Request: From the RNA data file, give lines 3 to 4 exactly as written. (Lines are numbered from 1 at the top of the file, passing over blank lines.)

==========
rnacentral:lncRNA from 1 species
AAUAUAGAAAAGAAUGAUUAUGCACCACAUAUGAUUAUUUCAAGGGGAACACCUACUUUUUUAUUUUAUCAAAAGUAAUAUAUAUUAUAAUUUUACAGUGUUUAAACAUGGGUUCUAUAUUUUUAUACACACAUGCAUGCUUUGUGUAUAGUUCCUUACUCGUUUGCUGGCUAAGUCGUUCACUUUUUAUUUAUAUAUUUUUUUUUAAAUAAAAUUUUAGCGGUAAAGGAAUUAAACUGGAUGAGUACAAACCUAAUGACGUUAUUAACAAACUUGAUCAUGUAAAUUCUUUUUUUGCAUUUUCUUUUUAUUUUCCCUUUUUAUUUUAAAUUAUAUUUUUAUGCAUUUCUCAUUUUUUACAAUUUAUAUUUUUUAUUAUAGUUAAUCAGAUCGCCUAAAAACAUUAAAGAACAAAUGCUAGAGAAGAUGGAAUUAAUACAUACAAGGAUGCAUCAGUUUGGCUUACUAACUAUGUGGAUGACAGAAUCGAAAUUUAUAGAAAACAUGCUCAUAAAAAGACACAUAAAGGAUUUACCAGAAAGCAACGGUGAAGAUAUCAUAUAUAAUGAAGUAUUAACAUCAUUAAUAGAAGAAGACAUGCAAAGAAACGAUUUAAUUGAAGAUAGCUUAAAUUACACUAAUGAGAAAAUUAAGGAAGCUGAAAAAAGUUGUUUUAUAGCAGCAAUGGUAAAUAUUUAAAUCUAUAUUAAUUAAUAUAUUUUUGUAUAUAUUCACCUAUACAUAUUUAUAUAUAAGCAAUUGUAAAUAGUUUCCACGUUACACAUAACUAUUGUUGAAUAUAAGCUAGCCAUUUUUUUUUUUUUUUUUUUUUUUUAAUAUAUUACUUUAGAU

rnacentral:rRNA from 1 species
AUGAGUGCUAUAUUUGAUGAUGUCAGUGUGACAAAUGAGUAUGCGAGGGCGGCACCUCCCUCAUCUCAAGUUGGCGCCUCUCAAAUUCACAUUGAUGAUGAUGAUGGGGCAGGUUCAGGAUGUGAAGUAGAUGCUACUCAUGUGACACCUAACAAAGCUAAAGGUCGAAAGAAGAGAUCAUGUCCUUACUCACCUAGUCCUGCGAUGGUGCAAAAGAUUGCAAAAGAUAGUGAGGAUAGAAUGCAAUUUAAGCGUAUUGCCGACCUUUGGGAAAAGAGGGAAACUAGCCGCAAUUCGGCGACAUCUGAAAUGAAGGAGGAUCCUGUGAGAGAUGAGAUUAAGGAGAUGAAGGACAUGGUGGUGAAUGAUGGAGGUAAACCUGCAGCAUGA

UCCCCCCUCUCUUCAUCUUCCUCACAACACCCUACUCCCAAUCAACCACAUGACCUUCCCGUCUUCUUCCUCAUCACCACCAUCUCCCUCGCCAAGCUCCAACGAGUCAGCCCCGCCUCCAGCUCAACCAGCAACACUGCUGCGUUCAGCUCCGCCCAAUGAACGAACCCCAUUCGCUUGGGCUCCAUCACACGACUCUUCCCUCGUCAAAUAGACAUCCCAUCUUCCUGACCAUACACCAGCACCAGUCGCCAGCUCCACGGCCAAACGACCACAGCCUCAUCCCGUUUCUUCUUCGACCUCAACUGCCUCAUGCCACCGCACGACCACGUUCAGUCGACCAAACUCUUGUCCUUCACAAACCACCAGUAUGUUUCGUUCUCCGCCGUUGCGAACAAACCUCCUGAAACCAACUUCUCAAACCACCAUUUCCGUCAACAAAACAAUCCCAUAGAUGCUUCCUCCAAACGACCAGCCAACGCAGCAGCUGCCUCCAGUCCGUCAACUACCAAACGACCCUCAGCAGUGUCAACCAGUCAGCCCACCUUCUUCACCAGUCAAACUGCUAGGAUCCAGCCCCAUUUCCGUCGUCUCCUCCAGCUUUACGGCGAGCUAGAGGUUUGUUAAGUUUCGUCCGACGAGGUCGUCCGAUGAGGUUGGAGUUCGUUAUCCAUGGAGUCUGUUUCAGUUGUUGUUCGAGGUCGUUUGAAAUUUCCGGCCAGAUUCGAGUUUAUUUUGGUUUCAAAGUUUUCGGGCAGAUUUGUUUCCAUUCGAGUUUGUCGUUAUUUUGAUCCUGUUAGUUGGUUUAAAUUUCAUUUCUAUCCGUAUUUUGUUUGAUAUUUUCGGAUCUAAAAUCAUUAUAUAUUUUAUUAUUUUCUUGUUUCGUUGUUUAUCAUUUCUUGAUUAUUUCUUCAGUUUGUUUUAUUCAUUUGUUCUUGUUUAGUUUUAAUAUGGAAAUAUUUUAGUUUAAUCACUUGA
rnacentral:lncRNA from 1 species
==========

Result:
rnacentral:rRNA from 1 species
AUGAGUGCUAUAUUUGAUGAUGUCAGUGUGACAAAUGAGUAUGCGAGGGCGGCACCUCCCUCAUCUCAAGUUGGCGCCUCUCAAAUUCACAUUGAUGAUGAUGAUGGGGCAGGUUCAGGAUGUGAAGUAGAUGCUACUCAUGUGACACCUAACAAAGCUAAAGGUCGAAAGAAGAGAUCAUGUCCUUACUCACCUAGUCCUGCGAUGGUGCAAAAGAUUGCAAAAGAUAGUGAGGAUAGAAUGCAAUUUAAGCGUAUUGCCGACCUUUGGGAAAAGAGGGAAACUAGCCGCAAUUCGGCGACAUCUGAAAUGAAGGAGGAUCCUGUGAGAGAUGAGAUUAAGGAGAUGAAGGACAUGGUGGUGAAUGAUGGAGGUAAACCUGCAGCAUGA